OFF MY DOCK

A boater skirts a dis­as­ter of his own mak­ing.

Boating - - CERTIFIED TESTS - By Charles Plueddeman

The fun all started when Bud Jor­gensen fell over­board. Fun for us, any­way, stand­ing on the dock out­side the Lake View Inn, beers in hand, sur­vey­ing his predica­ment and spec­u­lat­ing on its out­come. In fact, that af­ter­noon turned out to be a high­light of our short sum­mer.

Bud had set forth in his 14-foot Alumacraft with his two chil­dren in tow on one of those in­flat­able tubes, which most fam­i­lies pull with a much big­ger boat. Bud is a “good enough” kind of guy and was out to prove to his sub­teen prog­eny that his fish­ing boat could pro­duce as much fun as the neigh­bor’s Mondo-Craft. And so, he twisted the tiller throt­tle on the 15 hp out­board and pro­ceeded on a course of fig­ure eights to bet­ter swing the tube to and fro and send it bounc­ing over the in­creas­ingly large wake.

An older Alumacraft like Bud’s is a dash­ing craft with low free­board and rounded chines, and at some point, he looked back at the kids scream­ing on the tube and the twist­ing of his torso caused his arm to push the tiller fur­ther to port, and at that mo­ment he also hit the wake, and the lit­tle boat rolled, and Bud knew he was screwed as soon as his el­bow touched the wa­ter.

Be­cause you are a Boat­ing reader and thus smarter than the av­er­age bear, I know that if you were at the tiller of this boat, you would cer­tainly have worn a life jacket and would have clipped the kill-switch tether to that flota­tion de­vice. Heck, you’d do both be­fore start­ing your Grady Canyon 456. Bud does not read Boat­ing, and when he sur­faced, he found his boat be­gin­ning to turn a slow, lazy cir­cle with the mo­tor hard to port. The kids had ditched the tube and were bob­bing out of harm’s way. Jackie Quade saw the events un­fold from her dock and raced out on a WaveRun­ner to pick up the kids, and then tossed Bud her own life jacket — after giv­ing him the same stink eye he knew he’d soon get from his wife.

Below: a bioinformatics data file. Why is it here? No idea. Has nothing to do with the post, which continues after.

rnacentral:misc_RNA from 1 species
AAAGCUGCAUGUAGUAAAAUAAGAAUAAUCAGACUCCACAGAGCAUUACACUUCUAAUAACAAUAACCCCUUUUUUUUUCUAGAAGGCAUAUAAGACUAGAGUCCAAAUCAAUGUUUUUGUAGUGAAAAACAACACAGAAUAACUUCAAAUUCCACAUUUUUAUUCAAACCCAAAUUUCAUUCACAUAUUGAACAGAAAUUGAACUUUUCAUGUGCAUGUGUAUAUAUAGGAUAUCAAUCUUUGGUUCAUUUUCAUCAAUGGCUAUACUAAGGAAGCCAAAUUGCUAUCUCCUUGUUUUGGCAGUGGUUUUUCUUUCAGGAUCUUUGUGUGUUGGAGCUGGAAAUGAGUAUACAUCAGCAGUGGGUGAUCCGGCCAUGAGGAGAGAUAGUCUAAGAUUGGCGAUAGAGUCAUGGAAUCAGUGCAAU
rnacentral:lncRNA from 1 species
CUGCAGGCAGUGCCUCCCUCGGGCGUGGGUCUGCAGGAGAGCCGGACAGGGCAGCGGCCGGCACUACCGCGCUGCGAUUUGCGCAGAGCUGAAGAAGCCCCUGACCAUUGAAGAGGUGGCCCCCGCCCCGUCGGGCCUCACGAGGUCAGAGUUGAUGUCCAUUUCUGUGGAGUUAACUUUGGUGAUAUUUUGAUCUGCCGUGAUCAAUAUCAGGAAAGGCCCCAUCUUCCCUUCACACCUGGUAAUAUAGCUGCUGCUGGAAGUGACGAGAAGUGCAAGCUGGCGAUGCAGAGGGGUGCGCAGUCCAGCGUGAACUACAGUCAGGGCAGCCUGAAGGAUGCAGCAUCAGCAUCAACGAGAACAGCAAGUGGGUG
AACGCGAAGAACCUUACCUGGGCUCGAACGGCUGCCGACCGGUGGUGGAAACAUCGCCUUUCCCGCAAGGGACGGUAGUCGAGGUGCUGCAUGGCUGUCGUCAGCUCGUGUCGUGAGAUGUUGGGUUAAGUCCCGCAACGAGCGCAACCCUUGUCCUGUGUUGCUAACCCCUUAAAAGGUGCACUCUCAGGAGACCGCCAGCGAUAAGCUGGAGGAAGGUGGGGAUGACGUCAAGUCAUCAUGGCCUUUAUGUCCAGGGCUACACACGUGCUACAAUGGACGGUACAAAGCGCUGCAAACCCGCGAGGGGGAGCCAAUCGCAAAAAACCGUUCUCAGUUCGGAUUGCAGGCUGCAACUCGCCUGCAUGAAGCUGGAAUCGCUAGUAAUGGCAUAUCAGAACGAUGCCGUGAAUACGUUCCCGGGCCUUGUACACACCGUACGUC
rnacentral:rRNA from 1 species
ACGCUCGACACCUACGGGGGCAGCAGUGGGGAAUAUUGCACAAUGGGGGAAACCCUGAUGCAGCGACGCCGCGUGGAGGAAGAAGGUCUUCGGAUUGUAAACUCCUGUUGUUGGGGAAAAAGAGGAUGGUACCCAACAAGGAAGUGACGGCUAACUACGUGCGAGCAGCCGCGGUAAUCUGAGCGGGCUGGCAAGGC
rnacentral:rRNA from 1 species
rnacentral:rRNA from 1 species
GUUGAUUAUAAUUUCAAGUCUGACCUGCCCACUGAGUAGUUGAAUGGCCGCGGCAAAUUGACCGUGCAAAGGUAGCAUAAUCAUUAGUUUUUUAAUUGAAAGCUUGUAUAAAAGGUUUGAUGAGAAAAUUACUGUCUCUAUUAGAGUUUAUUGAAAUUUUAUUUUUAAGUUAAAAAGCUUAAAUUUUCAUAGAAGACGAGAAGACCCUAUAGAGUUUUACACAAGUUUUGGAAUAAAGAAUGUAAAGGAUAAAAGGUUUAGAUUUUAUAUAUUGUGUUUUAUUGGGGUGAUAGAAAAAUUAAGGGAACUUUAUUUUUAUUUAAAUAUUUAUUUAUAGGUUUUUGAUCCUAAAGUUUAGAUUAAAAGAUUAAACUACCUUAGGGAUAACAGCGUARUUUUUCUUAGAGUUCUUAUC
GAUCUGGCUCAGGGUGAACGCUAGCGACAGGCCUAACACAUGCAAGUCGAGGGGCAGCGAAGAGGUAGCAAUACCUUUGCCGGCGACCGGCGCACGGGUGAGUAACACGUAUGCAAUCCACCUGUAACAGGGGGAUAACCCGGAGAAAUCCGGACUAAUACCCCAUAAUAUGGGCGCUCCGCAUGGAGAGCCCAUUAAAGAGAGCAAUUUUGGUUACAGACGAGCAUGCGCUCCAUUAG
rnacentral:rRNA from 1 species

This in­ci­dent could have been tragic, of course, and not a laugh­ing mat­ter. But ev­ery­one was safe, and so when we ran out to the dock to get a look, we im­me­di­ately be­gan con­jec­ture on how long the boat would keep turn­ing in a cir­cle, now with the tube lodged be­low its bow. Wager­ing com­menced, and I had the ad­van­tage of 33 years spent col­lect­ing fuel-flow data for this pub­li­ca­tion. As­sum­ing Bud started the week­end with a topped-off 6-gal­lon tank and that the en­gine was run­ning at 1,500 rpm, I fig­ured it would take seven hours to con­sume the fuel supply. The mo­tor even­tu­ally sput­tered, and I did win the case of beer, which lasted longer than the gas in Bud’s Alumacraft.

Be­cause you are a Boat­ing reader and thus smarter than the av­er­age bear, I know that if you were at the tiller of this boat, you would cer­tainly have worn a life jacket and would have clipped the kill-switch tether to that flota­tion de­vice.

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